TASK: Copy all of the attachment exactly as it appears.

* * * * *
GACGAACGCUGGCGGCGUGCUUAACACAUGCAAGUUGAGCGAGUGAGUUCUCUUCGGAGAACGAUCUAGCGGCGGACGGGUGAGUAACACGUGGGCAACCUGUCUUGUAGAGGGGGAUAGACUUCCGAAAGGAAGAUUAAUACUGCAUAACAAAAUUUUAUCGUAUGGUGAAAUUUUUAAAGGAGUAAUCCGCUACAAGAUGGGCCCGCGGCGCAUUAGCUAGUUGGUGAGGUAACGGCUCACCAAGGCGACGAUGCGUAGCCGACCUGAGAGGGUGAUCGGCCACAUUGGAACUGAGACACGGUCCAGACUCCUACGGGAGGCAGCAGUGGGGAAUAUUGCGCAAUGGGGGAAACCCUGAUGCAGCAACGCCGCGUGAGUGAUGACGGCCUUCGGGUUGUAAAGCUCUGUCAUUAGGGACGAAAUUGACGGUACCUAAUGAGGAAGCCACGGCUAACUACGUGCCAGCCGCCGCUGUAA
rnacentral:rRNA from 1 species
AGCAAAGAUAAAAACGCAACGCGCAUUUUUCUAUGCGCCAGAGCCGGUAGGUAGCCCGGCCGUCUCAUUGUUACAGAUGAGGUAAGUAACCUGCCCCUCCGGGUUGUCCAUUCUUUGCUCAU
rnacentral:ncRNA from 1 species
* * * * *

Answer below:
GACGAACGCUGGCGGCGUGCUUAACACAUGCAAGUUGAGCGAGUGAGUUCUCUUCGGAGAACGAUCUAGCGGCGGACGGGUGAGUAACACGUGGGCAACCUGUCUUGUAGAGGGGGAUAGACUUCCGAAAGGAAGAUUAAUACUGCAUAACAAAAUUUUAUCGUAUGGUGAAAUUUUUAAAGGAGUAAUCCGCUACAAGAUGGGCCCGCGGCGCAUUAGCUAGUUGGUGAGGUAACGGCUCACCAAGGCGACGAUGCGUAGCCGACCUGAGAGGGUGAUCGGCCACAUUGGAACUGAGACACGGUCCAGACUCCUACGGGAGGCAGCAGUGGGGAAUAUUGCGCAAUGGGGGAAACCCUGAUGCAGCAACGCCGCGUGAGUGAUGACGGCCUUCGGGUUGUAAAGCUCUGUCAUUAGGGACGAAAUUGACGGUACCUAAUGAGGAAGCCACGGCUAACUACGUGCCAGCCGCCGCUGUAA
rnacentral:rRNA from 1 species
AGCAAAGAUAAAAACGCAACGCGCAUUUUUCUAUGCGCCAGAGCCGGUAGGUAGCCCGGCCGUCUCAUUGUUACAGAUGAGGUAAGUAACCUGCCCCUCCGGGUUGUCCAUUCUUUGCUCAU
rnacentral:ncRNA from 1 species